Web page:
Other Beltrami County projects seeking funds include a $400,000 County Highway Department building energy project, public safety radio network funds, funding a domestic violence intervention project and a $3.5 million remonumentation project.
Key to the transportation bill are Rep. Jim Oberstar, DFL-8th District, and Sen. Barbara Boxer, D-Calif., who chair their respective transportation panels in the House and Senate.
"Neither have announced deadlines for submission of projects, and that's different that what they had hoped to do," Turch said. Now, Oberstar's panel may have a bill out in May or June, and the final date for a bill is expected by Oct. 1.
"The stimulus bill was supposed to be infrastructure development," he said. "The actual amounts are something shy of 10 percent. Much of the rest of it goes for social program development, greening of America. All of those things will offer opportunities for you."
Turch also believes projects will be added much as before, even though the Obama administration with bills it proposes wants no added earmarks.
But one legislator's earmark is another's appropriation request, with both meaning the same thing -- a specific project added to a spending bill.
"I absolutely believe that earmarks are going to be ... a part of the 2010 appropriations," he said. "Earmarks are in the eye of the beholder, and really in the eye of the definition. ... It means different things to different people."
The 2009 appropriations bill was loaded with earmarks, he said, and the stimulus bill also contained some.
"It wasn't the rhetoric that prohibited earmarks, it was time," Turch said. "There was simply no time to vet any kind of specific project to be included in the bill. The bill got signed anyway."
Turch predicted the same thing for the 2010 spending bill. "Oberstar objects to earmarks as a matter of substance, however under my definition, I think that highway bill is almost entirely earmarks. If the definition of earmark is specificity to a locality or an institution, that's the entire transportation bill."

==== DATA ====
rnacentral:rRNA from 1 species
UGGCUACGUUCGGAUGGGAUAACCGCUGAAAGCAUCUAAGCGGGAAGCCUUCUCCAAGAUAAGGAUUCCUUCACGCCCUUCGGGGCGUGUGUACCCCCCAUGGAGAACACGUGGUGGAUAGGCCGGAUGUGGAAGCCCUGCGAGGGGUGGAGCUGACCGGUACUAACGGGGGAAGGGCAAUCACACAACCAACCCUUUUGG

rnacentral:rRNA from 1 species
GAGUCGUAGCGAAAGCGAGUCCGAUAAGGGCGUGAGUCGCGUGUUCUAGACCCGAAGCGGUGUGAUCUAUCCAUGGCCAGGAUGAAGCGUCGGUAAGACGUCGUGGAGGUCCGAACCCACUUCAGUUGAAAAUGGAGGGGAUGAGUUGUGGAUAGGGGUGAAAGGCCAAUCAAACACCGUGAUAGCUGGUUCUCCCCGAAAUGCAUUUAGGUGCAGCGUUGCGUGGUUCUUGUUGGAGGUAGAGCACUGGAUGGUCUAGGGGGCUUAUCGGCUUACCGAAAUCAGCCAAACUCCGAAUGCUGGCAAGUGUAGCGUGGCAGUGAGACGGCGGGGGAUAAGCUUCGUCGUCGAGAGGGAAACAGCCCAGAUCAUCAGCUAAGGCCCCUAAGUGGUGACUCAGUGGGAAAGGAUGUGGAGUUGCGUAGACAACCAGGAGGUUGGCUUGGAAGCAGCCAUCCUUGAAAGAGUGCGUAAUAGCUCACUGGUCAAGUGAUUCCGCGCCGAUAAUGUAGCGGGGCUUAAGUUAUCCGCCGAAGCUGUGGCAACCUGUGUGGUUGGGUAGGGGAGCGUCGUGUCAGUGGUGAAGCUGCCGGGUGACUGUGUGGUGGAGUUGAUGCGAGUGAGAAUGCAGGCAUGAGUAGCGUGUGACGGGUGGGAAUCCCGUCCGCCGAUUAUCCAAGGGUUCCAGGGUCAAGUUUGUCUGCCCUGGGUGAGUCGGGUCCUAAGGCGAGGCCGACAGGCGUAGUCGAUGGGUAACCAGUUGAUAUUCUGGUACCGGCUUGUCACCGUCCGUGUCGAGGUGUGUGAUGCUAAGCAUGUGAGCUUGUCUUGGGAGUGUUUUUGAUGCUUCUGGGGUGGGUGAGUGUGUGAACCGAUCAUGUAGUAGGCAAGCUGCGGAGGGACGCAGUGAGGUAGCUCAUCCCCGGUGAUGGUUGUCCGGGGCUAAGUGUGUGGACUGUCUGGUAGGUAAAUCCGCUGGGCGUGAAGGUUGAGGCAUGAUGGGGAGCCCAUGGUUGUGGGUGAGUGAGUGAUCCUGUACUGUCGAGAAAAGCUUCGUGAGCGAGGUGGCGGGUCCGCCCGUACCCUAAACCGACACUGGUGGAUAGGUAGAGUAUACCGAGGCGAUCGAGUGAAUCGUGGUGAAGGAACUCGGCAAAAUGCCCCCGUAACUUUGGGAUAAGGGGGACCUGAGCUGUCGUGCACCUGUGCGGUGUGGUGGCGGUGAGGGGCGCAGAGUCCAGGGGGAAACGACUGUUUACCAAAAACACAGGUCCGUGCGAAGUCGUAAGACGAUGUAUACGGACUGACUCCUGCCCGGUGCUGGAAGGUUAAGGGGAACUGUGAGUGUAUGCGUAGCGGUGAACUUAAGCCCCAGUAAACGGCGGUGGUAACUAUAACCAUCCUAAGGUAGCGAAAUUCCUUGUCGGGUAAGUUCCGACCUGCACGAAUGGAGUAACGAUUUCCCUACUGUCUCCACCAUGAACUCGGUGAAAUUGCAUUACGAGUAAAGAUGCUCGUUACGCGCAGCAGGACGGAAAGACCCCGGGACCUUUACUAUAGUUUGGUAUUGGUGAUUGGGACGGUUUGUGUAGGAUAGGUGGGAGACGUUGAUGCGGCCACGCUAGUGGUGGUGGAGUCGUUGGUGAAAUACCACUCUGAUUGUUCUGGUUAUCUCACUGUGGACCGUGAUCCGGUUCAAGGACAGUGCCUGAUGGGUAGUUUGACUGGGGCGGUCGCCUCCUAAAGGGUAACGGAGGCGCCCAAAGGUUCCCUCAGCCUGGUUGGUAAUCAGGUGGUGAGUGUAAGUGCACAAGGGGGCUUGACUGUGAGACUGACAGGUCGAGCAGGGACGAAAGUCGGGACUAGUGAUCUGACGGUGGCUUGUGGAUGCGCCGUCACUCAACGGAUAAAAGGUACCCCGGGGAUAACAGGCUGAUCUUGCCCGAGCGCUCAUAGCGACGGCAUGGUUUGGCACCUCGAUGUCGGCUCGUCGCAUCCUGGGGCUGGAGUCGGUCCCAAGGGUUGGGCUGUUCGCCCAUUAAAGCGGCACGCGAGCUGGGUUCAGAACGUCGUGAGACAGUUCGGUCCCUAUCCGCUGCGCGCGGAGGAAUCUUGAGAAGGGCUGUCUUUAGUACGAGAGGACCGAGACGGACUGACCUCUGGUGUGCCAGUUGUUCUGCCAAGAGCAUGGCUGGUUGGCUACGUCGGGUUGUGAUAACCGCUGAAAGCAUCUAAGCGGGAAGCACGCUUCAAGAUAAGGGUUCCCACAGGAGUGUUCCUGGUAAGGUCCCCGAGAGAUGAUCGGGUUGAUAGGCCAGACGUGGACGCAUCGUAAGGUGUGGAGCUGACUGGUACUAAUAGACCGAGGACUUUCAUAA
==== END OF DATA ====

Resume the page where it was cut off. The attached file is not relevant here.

"Call it what they will, the hope is that we'll get the money that we need for the projects that we have," said Commissioner Joe Vene.
Murphy said any vehicle in any committee that may carry Beltrami County projects is being considered. "If we can, we'll try to get a dog in every hunt."
Beltrami County will also work through the county's state legislators to see what the county can gain through the money given to states and distributed by a formula.
Commissioners also held a conference call with Sen. Mary Olson, DFL-Bemidji, and hoped she could work for funding the $3.5 million jail efficiency project.
"We don't know yet whether the governor will approve any kind of a bonding bill at this session," Olson said. "This isn't normally a bonding year, but in the Economic Development Committee I sit on, we are hearing some bonding projects and putting together a smaller bonding bill that would be specifically jobs oriented with shovel-ready projects in it."
She urged the commissioners to send jail project specs to her so a placeholder bill could be quickly drafted. "It's certainly an effort worth making, and we have nothing to lose."